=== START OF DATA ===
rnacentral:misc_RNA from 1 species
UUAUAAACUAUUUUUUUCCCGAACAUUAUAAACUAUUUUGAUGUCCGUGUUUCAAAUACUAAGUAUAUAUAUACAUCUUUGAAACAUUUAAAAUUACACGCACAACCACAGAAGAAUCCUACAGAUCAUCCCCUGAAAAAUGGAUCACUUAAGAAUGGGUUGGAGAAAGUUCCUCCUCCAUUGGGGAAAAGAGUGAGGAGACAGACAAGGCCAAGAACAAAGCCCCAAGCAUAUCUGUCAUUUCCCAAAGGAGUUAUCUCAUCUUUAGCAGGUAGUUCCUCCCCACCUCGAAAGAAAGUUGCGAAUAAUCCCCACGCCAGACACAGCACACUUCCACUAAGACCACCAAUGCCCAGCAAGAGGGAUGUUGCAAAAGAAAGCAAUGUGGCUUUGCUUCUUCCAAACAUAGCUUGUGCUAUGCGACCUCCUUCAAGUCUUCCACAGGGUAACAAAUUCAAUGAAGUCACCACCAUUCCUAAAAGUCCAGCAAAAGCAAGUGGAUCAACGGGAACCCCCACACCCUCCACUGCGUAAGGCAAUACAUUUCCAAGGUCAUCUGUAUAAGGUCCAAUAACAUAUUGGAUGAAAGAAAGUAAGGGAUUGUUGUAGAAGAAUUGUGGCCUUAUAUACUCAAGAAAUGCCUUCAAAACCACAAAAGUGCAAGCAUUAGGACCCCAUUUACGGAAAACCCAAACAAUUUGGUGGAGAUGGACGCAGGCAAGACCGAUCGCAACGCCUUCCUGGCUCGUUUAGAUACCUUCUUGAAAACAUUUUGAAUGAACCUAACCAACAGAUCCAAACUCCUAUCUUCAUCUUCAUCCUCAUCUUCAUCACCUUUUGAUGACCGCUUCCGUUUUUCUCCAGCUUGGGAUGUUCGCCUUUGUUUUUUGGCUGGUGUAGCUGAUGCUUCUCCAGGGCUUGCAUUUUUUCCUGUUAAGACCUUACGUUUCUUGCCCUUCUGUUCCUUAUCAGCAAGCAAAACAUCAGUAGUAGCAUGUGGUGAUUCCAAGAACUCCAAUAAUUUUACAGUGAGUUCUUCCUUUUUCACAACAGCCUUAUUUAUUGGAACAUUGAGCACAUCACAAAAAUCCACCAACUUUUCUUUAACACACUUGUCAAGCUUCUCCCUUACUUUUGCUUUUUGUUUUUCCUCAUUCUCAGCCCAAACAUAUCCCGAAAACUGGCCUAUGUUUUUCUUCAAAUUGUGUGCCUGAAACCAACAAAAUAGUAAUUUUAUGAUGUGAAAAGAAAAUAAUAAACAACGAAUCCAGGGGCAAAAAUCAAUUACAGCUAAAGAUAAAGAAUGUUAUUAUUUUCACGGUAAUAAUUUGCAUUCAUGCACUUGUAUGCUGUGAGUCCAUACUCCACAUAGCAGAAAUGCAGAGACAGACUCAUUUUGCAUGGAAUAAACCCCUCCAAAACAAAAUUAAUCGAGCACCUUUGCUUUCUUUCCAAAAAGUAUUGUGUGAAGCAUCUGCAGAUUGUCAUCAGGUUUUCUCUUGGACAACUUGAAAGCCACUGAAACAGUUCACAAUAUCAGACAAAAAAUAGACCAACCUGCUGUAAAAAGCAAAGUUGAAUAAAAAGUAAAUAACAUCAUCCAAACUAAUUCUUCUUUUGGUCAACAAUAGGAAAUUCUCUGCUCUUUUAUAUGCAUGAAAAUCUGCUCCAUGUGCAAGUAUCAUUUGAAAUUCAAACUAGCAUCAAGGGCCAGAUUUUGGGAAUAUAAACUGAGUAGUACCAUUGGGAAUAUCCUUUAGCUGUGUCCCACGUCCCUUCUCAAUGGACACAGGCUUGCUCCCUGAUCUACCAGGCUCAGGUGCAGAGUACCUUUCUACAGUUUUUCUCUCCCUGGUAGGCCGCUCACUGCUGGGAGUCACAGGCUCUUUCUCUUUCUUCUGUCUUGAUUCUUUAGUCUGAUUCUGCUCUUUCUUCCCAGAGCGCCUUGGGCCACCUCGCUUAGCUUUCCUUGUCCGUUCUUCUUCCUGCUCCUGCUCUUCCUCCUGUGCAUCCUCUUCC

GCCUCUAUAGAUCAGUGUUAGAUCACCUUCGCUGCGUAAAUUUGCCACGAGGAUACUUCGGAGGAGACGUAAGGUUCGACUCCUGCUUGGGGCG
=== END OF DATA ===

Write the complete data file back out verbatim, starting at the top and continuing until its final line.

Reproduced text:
rnacentral:misc_RNA from 1 species
UUAUAAACUAUUUUUUUCCCGAACAUUAUAAACUAUUUUGAUGUCCGUGUUUCAAAUACUAAGUAUAUAUAUACAUCUUUGAAACAUUUAAAAUUACACGCACAACCACAGAAGAAUCCUACAGAUCAUCCCCUGAAAAAUGGAUCACUUAAGAAUGGGUUGGAGAAAGUUCCUCCUCCAUUGGGGAAAAGAGUGAGGAGACAGACAAGGCCAAGAACAAAGCCCCAAGCAUAUCUGUCAUUUCCCAAAGGAGUUAUCUCAUCUUUAGCAGGUAGUUCCUCCCCACCUCGAAAGAAAGUUGCGAAUAAUCCCCACGCCAGACACAGCACACUUCCACUAAGACCACCAAUGCCCAGCAAGAGGGAUGUUGCAAAAGAAAGCAAUGUGGCUUUGCUUCUUCCAAACAUAGCUUGUGCUAUGCGACCUCCUUCAAGUCUUCCACAGGGUAACAAAUUCAAUGAAGUCACCACCAUUCCUAAAAGUCCAGCAAAAGCAAGUGGAUCAACGGGAACCCCCACACCCUCCACUGCGUAAGGCAAUACAUUUCCAAGGUCAUCUGUAUAAGGUCCAAUAACAUAUUGGAUGAAAGAAAGUAAGGGAUUGUUGUAGAAGAAUUGUGGCCUUAUAUACUCAAGAAAUGCCUUCAAAACCACAAAAGUGCAAGCAUUAGGACCCCAUUUACGGAAAACCCAAACAAUUUGGUGGAGAUGGACGCAGGCAAGACCGAUCGCAACGCCUUCCUGGCUCGUUUAGAUACCUUCUUGAAAACAUUUUGAAUGAACCUAACCAACAGAUCCAAACUCCUAUCUUCAUCUUCAUCCUCAUCUUCAUCACCUUUUGAUGACCGCUUCCGUUUUUCUCCAGCUUGGGAUGUUCGCCUUUGUUUUUUGGCUGGUGUAGCUGAUGCUUCUCCAGGGCUUGCAUUUUUUCCUGUUAAGACCUUACGUUUCUUGCCCUUCUGUUCCUUAUCAGCAAGCAAAACAUCAGUAGUAGCAUGUGGUGAUUCCAAGAACUCCAAUAAUUUUACAGUGAGUUCUUCCUUUUUCACAACAGCCUUAUUUAUUGGAACAUUGAGCACAUCACAAAAAUCCACCAACUUUUCUUUAACACACUUGUCAAGCUUCUCCCUUACUUUUGCUUUUUGUUUUUCCUCAUUCUCAGCCCAAACAUAUCCCGAAAACUGGCCUAUGUUUUUCUUCAAAUUGUGUGCCUGAAACCAACAAAAUAGUAAUUUUAUGAUGUGAAAAGAAAAUAAUAAACAACGAAUCCAGGGGCAAAAAUCAAUUACAGCUAAAGAUAAAGAAUGUUAUUAUUUUCACGGUAAUAAUUUGCAUUCAUGCACUUGUAUGCUGUGAGUCCAUACUCCACAUAGCAGAAAUGCAGAGACAGACUCAUUUUGCAUGGAAUAAACCCCUCCAAAACAAAAUUAAUCGAGCACCUUUGCUUUCUUUCCAAAAAGUAUUGUGUGAAGCAUCUGCAGAUUGUCAUCAGGUUUUCUCUUGGACAACUUGAAAGCCACUGAAACAGUUCACAAUAUCAGACAAAAAAUAGACCAACCUGCUGUAAAAAGCAAAGUUGAAUAAAAAGUAAAUAACAUCAUCCAAACUAAUUCUUCUUUUGGUCAACAAUAGGAAAUUCUCUGCUCUUUUAUAUGCAUGAAAAUCUGCUCCAUGUGCAAGUAUCAUUUGAAAUUCAAACUAGCAUCAAGGGCCAGAUUUUGGGAAUAUAAACUGAGUAGUACCAUUGGGAAUAUCCUUUAGCUGUGUCCCACGUCCCUUCUCAAUGGACACAGGCUUGCUCCCUGAUCUACCAGGCUCAGGUGCAGAGUACCUUUCUACAGUUUUUCUCUCCCUGGUAGGCCGCUCACUGCUGGGAGUCACAGGCUCUUUCUCUUUCUUCUGUCUUGAUUCUUUAGUCUGAUUCUGCUCUUUCUUCCCAGAGCGCCUUGGGCCACCUCGCUUAGCUUUCCUUGUCCGUUCUUCUUCCUGCUCCUGCUCUUCCUCCUGUGCAUCCUCUUCC

GCCUCUAUAGAUCAGUGUUAGAUCACCUUCGCUGCGUAAAUUUGCCACGAGGAUACUUCGGAGGAGACGUAAGGUUCGACUCCUGCUUGGGGCG